WASHINGTON (AP) -- Inventories held by U.S. businesses rose for a 10th consecutive month in October as companies saw sales increase by the largest amount in seven months.
Business inventories increased 0.7 percent in October after a revised 1.3 percent rise in September, the Commerce Department reported Tuesday. October sales jumped 1.4 percent, the biggest advance since a 2.5 percent rise in March.
Continued strong gains in inventories and sales are viewed as encouraging signs for the economy.
Many businesses had undertaken a massive liquidation of inventories in early 2009 as they struggled to keep costs under control during the recession. The swing from slashing inventories to rebuilding stockpiles has provided support for growth beginning in the final three months of 2009 -- just months after the recession officially ended in June 2009.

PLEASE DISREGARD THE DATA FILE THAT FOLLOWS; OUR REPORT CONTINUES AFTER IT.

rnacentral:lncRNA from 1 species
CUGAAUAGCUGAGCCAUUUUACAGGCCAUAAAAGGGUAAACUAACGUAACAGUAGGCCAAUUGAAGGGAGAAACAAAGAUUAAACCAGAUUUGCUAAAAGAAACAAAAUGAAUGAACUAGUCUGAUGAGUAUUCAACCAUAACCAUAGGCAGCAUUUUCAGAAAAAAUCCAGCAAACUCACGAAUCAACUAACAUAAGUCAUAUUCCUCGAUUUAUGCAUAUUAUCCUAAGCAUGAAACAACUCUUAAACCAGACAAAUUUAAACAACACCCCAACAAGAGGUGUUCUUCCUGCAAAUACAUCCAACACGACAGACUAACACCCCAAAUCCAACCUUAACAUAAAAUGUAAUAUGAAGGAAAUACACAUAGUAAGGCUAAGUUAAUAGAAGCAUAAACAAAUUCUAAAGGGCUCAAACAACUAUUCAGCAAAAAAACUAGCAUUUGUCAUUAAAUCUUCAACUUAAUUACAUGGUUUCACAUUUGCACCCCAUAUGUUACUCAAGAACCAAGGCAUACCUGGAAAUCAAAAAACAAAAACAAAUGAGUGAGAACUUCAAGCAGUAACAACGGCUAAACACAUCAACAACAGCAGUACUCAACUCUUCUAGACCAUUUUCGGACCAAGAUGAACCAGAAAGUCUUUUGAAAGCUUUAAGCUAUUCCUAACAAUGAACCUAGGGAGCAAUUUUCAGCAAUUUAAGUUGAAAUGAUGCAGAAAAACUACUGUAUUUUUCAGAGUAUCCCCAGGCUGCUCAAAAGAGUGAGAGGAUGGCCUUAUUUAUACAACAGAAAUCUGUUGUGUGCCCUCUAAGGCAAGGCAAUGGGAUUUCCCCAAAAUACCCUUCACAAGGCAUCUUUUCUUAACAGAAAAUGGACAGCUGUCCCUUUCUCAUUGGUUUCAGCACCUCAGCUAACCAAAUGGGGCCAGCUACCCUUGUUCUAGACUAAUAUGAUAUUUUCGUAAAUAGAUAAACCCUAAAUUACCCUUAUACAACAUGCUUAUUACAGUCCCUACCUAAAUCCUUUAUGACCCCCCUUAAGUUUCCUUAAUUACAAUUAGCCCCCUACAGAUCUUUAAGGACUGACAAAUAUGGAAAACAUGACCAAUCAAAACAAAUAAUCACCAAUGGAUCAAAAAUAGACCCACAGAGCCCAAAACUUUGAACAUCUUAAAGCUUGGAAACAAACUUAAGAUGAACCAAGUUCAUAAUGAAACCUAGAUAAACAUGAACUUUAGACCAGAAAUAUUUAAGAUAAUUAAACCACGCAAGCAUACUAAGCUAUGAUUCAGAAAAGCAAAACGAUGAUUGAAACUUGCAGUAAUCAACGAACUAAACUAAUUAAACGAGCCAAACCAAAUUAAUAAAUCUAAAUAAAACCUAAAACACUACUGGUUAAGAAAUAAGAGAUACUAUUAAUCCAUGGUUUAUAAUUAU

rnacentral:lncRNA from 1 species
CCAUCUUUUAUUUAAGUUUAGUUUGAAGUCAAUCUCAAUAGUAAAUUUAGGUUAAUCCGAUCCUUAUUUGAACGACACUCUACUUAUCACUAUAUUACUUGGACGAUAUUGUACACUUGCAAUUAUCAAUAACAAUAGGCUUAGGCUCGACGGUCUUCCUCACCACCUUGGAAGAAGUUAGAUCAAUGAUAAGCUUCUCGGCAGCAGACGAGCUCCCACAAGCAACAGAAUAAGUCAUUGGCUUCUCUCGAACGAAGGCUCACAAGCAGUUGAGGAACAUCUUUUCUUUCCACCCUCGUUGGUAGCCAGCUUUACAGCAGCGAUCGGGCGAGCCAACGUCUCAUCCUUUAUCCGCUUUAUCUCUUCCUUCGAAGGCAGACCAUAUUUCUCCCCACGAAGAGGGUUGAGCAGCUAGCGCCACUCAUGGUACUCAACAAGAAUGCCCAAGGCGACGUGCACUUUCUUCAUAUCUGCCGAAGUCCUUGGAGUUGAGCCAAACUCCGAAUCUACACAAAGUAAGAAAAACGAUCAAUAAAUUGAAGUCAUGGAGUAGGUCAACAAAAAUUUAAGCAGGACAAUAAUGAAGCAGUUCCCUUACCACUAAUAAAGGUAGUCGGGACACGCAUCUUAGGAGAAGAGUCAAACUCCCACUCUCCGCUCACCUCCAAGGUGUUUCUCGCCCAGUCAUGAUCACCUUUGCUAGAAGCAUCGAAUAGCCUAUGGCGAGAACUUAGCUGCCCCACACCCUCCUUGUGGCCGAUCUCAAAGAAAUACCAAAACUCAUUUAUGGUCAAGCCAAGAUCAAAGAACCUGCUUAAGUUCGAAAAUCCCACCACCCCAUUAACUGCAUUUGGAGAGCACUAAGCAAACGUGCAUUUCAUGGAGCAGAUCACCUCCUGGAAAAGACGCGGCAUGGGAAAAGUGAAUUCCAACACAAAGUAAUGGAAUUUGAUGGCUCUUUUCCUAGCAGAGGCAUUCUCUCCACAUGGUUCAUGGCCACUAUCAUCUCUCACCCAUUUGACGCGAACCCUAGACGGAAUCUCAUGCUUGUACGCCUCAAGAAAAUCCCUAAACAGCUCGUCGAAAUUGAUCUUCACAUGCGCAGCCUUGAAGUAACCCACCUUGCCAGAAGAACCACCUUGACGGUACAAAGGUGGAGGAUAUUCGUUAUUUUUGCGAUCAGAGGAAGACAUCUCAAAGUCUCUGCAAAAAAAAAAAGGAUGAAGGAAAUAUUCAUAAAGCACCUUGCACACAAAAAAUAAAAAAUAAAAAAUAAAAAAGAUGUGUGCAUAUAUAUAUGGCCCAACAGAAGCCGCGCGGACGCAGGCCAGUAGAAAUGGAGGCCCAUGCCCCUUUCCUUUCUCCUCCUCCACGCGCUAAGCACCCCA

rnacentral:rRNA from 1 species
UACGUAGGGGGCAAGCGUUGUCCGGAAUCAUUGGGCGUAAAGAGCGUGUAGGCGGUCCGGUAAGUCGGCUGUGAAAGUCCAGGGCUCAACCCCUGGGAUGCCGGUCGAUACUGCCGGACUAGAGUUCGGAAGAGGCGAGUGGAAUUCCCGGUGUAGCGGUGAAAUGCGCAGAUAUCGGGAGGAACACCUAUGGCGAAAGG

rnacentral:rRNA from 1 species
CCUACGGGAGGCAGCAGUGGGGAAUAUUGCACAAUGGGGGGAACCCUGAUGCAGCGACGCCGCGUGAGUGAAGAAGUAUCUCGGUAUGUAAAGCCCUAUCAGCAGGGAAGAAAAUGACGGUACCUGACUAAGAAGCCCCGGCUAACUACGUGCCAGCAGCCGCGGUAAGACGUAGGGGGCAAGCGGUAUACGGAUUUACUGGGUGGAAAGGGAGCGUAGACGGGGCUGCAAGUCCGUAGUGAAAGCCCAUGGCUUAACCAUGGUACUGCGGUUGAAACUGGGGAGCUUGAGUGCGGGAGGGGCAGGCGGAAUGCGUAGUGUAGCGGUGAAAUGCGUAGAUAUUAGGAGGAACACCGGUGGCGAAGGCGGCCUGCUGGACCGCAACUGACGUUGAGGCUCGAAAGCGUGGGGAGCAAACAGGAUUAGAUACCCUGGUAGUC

For October, the 0.7 percent rise in total inventories reflected a 0.9 percent increase in inventories held by manufacturers and a 1.9 percent rise in inventories held by wholesalers. Inventories at the retail level dropped 0.6 percent, but that mostly because of a strong month for auto sales.
The 1.4 percent rise in sales showed strength at all points in the supply chain. Sales by manufacturers rose 2.2 percent with smaller gains posted by retailers and manufacturers. A separate report Tuesday showed that retail sales increased sharply in November.
Total inventories climbed to $1.42 trillion in November, increasing 7.5 percent from the lowpoint for stockpiles of $1.32 trillion reached in September of 2009.
The ratio of inventories to sales stood at 1.27 in October. That means it would take 1.27 months to deplete stockpiles at the October sales pace. That was down from 1.28 months in September.